But yet I do care about the kids and in a train-wreck way, want to know what happens.  I’m not proud of it but will probably do Google searches (or just look at tabloid covers) to keep up with the story.  Let’s hope something more distracting comes along soon.

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In other news, I spent part of the weekend decluttering, inspired by Lori’s success.  I lugged a bag of clothes and some books to Goodwill but this is a particularly congested time there with students moving out of apartments following local college graduations.  I have other things in mind to take down when it’s a bit easier to get a parking space.  I also figured out that the way to get bill paying done more efficiently was to download Quicken to the laptop and move the whole operation to the dining table.  Going to the study to use the old desktop, which is usually turned off, just wasn’t happening.  I’m caught up on reconciling statements and paying bills which isn’t a sexy thing to do but definitely necessary and I like the tidiness of knowing everything is in order.

My parents are coming to visit at the end of June and I’m also debating whether to hire a maid service to do a thorough cleaning.  I hate to clean and somehow need to have things very clean and everything in place when the parents come.  Cat hair will, of course, still adorn everything but perhaps not in a thick layer.  They haven’t met their grandkitty yet so we want the first impressions to be good ones.  Let’s hope she doesn’t hide under the bed the whole time!


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What to Do About Those Clothes

Sorting clothes - no, this isn't meYou remember the story of Goldilocks:  she visited the bears’ house and tried their porridge (is that like oatmeal?), sat in their chairs, slept in their beds.  Things were too big/hot/hard, too small, or just right.  My clothes are like that, too, but they are mostly too small.   From reading a number of other blogs, I can tell that I’m not alone.  And the reality is that even if the clothes do fit, we may not like them anymore.

So what to do?  Step one is to pull everything out and look at it.  Did you wear everything in your “winter clothes” pile this season?  If not, why not?  Where they too small, too big, just not really “you” or need repair?  Deal with this stuff before you look at the rest of it.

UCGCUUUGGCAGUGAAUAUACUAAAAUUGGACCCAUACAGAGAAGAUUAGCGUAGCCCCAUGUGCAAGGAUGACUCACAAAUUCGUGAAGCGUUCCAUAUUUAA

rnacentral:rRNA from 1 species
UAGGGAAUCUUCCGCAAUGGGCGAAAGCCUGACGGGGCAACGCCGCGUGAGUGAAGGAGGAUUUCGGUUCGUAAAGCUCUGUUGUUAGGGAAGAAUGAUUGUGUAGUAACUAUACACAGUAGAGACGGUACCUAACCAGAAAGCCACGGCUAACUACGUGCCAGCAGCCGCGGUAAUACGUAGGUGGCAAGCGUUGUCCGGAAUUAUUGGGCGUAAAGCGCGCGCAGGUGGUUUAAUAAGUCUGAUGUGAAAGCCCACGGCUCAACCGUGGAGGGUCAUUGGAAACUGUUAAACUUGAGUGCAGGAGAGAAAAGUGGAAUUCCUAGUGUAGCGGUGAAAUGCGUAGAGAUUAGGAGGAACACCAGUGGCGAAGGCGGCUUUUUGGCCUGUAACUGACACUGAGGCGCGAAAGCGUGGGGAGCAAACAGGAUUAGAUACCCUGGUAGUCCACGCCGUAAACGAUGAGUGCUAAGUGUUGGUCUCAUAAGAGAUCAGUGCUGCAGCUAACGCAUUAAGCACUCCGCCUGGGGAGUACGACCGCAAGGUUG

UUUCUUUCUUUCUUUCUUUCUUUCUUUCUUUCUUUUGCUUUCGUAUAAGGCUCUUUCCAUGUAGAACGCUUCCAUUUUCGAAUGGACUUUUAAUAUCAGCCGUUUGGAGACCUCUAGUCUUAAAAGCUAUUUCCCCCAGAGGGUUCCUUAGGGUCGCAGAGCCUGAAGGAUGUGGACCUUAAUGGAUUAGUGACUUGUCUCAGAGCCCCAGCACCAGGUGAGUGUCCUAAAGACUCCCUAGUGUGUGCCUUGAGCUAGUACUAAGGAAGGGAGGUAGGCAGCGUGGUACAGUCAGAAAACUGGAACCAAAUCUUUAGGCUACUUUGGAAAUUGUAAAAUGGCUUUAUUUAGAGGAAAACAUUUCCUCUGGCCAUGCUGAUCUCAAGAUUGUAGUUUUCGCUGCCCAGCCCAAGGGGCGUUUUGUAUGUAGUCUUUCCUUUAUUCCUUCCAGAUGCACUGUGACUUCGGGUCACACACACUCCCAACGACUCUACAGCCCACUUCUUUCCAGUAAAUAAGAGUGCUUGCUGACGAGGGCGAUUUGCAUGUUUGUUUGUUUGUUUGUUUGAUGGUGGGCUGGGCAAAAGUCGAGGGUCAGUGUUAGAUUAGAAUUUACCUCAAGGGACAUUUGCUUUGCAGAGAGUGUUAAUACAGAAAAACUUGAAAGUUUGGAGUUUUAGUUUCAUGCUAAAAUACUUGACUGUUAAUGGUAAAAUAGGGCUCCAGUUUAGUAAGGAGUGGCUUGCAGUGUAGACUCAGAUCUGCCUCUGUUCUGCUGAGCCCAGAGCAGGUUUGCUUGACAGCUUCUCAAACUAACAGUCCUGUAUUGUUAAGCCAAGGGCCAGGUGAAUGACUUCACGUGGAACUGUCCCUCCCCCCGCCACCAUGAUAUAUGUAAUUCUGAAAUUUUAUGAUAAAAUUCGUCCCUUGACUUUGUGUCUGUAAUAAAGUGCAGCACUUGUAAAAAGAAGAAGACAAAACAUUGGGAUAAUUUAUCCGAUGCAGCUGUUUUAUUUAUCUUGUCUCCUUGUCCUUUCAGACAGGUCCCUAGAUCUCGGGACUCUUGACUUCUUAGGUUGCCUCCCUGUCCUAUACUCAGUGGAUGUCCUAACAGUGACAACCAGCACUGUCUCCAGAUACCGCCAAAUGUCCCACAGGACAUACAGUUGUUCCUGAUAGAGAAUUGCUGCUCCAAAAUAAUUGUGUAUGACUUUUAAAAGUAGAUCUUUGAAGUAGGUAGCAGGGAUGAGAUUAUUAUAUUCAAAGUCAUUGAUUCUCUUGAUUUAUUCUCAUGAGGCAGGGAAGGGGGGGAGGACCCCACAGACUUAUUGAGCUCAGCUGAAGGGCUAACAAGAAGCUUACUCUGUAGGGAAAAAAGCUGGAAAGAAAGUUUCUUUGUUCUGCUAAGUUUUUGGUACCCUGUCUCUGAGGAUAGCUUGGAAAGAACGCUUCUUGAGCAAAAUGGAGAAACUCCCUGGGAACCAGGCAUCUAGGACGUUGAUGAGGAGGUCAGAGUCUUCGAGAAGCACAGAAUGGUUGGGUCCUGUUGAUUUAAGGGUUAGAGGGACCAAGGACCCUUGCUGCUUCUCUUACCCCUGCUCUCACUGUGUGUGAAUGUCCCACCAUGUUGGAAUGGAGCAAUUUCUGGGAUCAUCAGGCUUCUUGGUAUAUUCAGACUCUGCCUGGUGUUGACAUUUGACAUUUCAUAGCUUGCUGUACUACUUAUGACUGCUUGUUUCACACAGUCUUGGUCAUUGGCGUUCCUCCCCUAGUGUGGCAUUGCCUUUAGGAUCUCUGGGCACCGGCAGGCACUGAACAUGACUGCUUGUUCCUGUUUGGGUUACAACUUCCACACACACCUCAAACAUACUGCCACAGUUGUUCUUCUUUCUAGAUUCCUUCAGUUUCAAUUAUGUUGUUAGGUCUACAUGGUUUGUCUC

If you have clothes that you really love but need some kind of alteration or repair, either make a commitment to getting that done (it’s worth paying someone to do it if you don’t have the skills or the time) or put the clothes into the discard pile.  They’re not doing you any good sitting unworn and damaged in the closet, where they give you a false sense of available things to wear.  Things that you don’t like should be laundered and either donated or sold (I donate almost everything because it’s easier and faster).

Clothes that are too big should be also donated, but be realistic and don’t get rid of every single thing because there may be “fat days” when you’re feeling a bit bloated and could use something more comfy.  But keeping too many of them around makes it easy to not pay attention to the slow creep of weight gain that moves you into a bigger size almost without noticing.  Play this one carefully.

The clothes that don’t fit present a particular problem.  Do you keep them in hopes of wearing them again when you lose weight, or do you get rid of them?  Think carefully about this and be realistic.  Keeping sweaters or pants one size down can be motivating — getting back into them is achievable.

But clothes that are several sizes too small can be, for some of us, depressing to have around because getting back into them seems so remote.   There they sit, in the back of the closet or in a plastic bin or big garbage bag, taking up space in your house and in your head.  “You spent good money on these things and you’re too fat to wear them,” is what most of us hear.  Not all, to be sure, but I know that’s what I get.

Donating things that are too way small frees the mind and the closet of that crap, and someone else will be happy to get them, especially in this economic climate.  As the pounds start to come off again and you need to fit a smaller body, you can go shopping for new stuff – even if that shopping is at the thrift store.  People like us donate good stuff, which means it’s available to people like us, too.

Once you’ve gone through the winter clothes, do the same exercise for the things that are coming out of storage for the next season.  They usually look different when they are unboxed and spread out on the bed than they did when we put them away months before.  Something you thought was great might look too tired or not fit as well.  Take the time to sort them all out even if  you did it when they were packed away.

I have one of these exercises to do in the next few weeks; some things I know without trying on I can just put in the “donate” pile.  I hate trying on everything and think of the money I spent on things that didn’t turn out as I’d hoped or don’t fit well or at all.  But once I’ve done it, and put things in piles and given them away, I know what my clothes options actually are so it makes getting dressed faster and the closet feels airy and spacious.  That’s a Good Thing.


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Happy 4th

This being July 4th and a day for picnics and parties and fireworks in celebration of our nation’s birthday, I was invited to a picnic by a buddy from the morning bus.  She asked me to bring a dessert and in my laziness, I decided brownies were the way to go.  Open a box, dump in some eggs, oil and water, stir, bake, and voila! Brownies.

Feeling virtuous, I didn’t even buy the box until this morning and whipped up a batch when I got home from the store.  Unfortunately by the time they were cooled, the picnic was cancelled because of expected thunderstorms.  Which meant there was a box of ready to eat brownies sitting on my counter.